“As a pensioner, I’d bought and sold property before and although I initially questioned the pricing, after doing some research I realised my price was more than reasonable and although I was desperate to sell, there was no reason to accept such a ridiculously low offer. I removed the property from that particular agent’s books and my home was sold two weeks later – for the full asking price. It later came to light that the offer had been made by a family member of the agent, which I assume was the reason the agent tried to bully me into accepting the deal.”
There are plenty of professional, ethical agents around. So what should sellers be looking for in an agent and what investigations should be carried out before signing a mandate to sell?
“I would suggest that sellers request a company profile together with an agent profile,” says Carol Reynolds, Pam Golding Properties area principal for Durban Coastal. “Also look at brand presence in the area, and how visible the company is. A list of credentials will give sellers the peace of mind of knowing that they are dealing with a true professional who is qualified and who complies with the code of conduct.
Haydn Wakefield, director Wakefield Real Estate agrees, noting there are a number of signals in the marketplace that an agent or agency is active and successful in a given area. “Selling a home is an emotional time, and it’s important to have a comfortable relationship with the estate agent you’ve chosen.
“Look for somebody with a strong presence in the suburb, either with for sale or sold boards, word of mouth from neighbours or friends, or even somebody active in your community via charities, school events and so on. It’s also possible that the original agent who sold you your house has remained in contact – or is still a strong presence in the area – and if you had a good experience with them, give them a call.”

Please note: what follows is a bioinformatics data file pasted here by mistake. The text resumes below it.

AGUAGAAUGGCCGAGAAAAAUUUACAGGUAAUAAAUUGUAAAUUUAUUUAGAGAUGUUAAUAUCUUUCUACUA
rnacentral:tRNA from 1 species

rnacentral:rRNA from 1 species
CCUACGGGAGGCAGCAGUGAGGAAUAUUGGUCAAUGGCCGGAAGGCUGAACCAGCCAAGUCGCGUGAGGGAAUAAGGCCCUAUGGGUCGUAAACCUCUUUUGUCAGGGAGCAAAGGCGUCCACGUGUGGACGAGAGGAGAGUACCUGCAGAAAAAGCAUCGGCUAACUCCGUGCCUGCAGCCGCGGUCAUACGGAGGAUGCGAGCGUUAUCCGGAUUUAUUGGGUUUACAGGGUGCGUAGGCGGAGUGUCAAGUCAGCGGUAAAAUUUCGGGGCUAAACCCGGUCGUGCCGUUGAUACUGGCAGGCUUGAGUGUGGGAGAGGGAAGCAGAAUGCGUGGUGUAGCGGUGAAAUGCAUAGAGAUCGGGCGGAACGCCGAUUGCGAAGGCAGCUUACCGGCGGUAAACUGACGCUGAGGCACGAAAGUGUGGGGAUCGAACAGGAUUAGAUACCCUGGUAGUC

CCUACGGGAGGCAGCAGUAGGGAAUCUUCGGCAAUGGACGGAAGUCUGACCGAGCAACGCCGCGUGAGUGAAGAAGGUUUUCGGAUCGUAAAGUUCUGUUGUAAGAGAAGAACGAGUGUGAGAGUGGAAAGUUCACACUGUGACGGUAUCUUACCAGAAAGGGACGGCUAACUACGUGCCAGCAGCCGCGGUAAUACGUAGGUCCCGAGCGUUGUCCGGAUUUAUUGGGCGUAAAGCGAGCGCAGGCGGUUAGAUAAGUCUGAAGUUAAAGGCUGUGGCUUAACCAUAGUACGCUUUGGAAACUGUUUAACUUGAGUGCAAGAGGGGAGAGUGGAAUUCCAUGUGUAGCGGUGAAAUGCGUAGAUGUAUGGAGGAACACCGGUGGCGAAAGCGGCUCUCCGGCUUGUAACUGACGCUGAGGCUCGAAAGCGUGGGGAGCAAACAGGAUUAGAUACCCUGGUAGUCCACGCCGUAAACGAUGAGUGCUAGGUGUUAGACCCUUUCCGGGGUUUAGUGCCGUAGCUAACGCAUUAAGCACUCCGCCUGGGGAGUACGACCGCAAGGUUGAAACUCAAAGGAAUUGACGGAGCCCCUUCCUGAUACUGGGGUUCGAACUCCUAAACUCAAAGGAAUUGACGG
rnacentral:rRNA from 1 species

Michelle Burger, Pam Golding Properties area principal in Durban, adds that a professional and experienced agent can provide sound advice on how to price a home correctly in the current market. “This should be backed up with a market analysis of stock currently on the market and how long it’s been on offer, how the size and condition compares with your property and Lightstone statistics on recent successful registrations in the area. Your agent should also be able to verify themselves by producing a current Fidelity Fund certificate.
Reynolds says that in terms of the Consumer Protection Act (CPA) a seller will be entitled to cancel mandates if they are unhappy with the service provided, although she warns that a cancellation fee may be payable.
Wakefield however points out that a sole mandate is a legally binding document signed by both the seller and estate agent/agency and it’s not something that can be cancelled on a whim.
“An agent and agency will commit a great deal of time, energy and resources to marketing your property, so it’s not an agreement which is easily dissolved. That sole mandate document has a fixed time line and includes specific commitments on the part of the agent as to what action they’ll be undertaking in order to promote the house. Those commitments relate to show houses, advertising, and so on. If the agent breaches any of the terms of the mandate, a seller should give notice to the agent. If after that the agent remains in default, a seller could be within their rights to have a conversation with the principal of the agency and request, in writing, a cancellation of the sole mandate.”